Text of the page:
In the framework of multiple testing, there are a number of odd behaviors that people sometimes engage in. We list a few of these below in summary form:
a) it is not legitimate to do a Bonferroni correction post-hoc, i.e., find a set of tests that lead to significance, and then evaluate just this subset with the correction;
b) Scheffe's method (and relatives) are the only true post-hoc procedures to control the overall error rate. An unlimited number of comparisons can be made (no matter whether identified from the given data or not), and the overall error rate remains constant;
c) you cannot look at your data to decide which planned comparisons to do;
d) Tukey's method is not post-hoc because you actually plan to do all possible pairwise comparisons;
e) even though the comparisons you might wish to test are independent (e.g., they are defined by orthogonal comparisons), the problem of inflating the overall error rate remains; similarly, in performing a multifactor ANOVA or testing multiple regression coefficients, all of the tests carried out should have some type of overall error control imposed;
f) it makes no sense to perform a multivariate analysis of variance before you then go on to evaluate each of the component variables one-by-one. Typically, a multivariate-analysis-of-variance (MANOVA) is completely noninformative as to what is really occurring, but people proceed in any case to evaluate the individual univariate ANOVAs irrespective of what occurs at the MANOVA level --- we may accept the null hypothesis at the overall MANOVA level, but then illogically ask where the differences are at the level of the individual variables. Plan to do the individual comparisons beforehand, and avoid the typically noninterpretable overall MANOVA test completely.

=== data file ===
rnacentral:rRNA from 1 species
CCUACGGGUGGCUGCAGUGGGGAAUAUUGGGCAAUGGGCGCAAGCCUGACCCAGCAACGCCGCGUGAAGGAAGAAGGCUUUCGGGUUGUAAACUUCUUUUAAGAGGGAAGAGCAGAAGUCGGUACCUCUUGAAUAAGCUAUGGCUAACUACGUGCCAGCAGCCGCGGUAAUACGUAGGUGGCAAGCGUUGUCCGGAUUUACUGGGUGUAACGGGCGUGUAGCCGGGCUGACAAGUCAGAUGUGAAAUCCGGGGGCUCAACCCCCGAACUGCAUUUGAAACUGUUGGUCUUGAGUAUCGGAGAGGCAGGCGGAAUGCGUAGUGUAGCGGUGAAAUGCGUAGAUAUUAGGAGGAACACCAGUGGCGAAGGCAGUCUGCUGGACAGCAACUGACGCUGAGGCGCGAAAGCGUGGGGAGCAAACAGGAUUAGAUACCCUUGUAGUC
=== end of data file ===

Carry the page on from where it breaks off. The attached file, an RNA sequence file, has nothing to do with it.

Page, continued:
We cannot, in good conscience, leave the important topic of multiple comparisons without at least a mention of what is now considered the most useful method --- the False Discovery Rate (Benjamini \& Hochberg, 1995). But even this strategy is not up to the most vexing of problems of multiplicity. We have already mentioned data mining as one of these; a second arises in the search for genetic markers. A typical paradigm in this crucial area is to isolate a homogeneous group of individuals, some of whom have a genetic disorder and others do not, and then to see if one can determine which genes are likely to be responsible. One such study is currently being carried out with a group of 200 Mennonites in Pennsylvania. Macular degeneration is common among the Mennonites, and this sample was chosen so that 100 of them had macular degeneration and a matched sample of 100 did not. The genetic structure of the two groups was very similar and so the search was on to see which genes were found much more often in the group that had macular degeneration than in the control group. This could be determined with a $t$-test. Unfortunately, the power of the $t$-test was diminished considerably when it had to be repeated for more than 100,000 separate genes. The Bonferroni inequality was no help, and the False Discovery Rate, while better, was still not up to the task. The search still goes on to find a better solution to the vexing problem of multiplicity.
\large
\noindent {\bf (Mis)reporting of data}
\normalsize